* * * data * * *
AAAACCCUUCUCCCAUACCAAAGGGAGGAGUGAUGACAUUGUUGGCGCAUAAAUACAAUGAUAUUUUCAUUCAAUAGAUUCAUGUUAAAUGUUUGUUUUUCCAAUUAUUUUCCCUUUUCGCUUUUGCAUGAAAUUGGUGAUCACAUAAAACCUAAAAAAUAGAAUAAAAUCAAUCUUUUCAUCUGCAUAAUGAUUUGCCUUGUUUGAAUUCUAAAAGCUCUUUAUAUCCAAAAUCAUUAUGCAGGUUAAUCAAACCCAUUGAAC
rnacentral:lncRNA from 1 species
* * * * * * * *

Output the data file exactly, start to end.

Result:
AAAACCCUUCUCCCAUACCAAAGGGAGGAGUGAUGACAUUGUUGGCGCAUAAAUACAAUGAUAUUUUCAUUCAAUAGAUUCAUGUUAAAUGUUUGUUUUUCCAAUUAUUUUCCCUUUUCGCUUUUGCAUGAAAUUGGUGAUCACAUAAAACCUAAAAAAUAGAAUAAAAUCAAUCUUUUCAUCUGCAUAAUGAUUUGCCUUGUUUGAAUUCUAAAAGCUCUUUAUAUCCAAAAUCAUUAUGCAGGUUAAUCAAACCCAUUGAAC
rnacentral:lncRNA from 1 species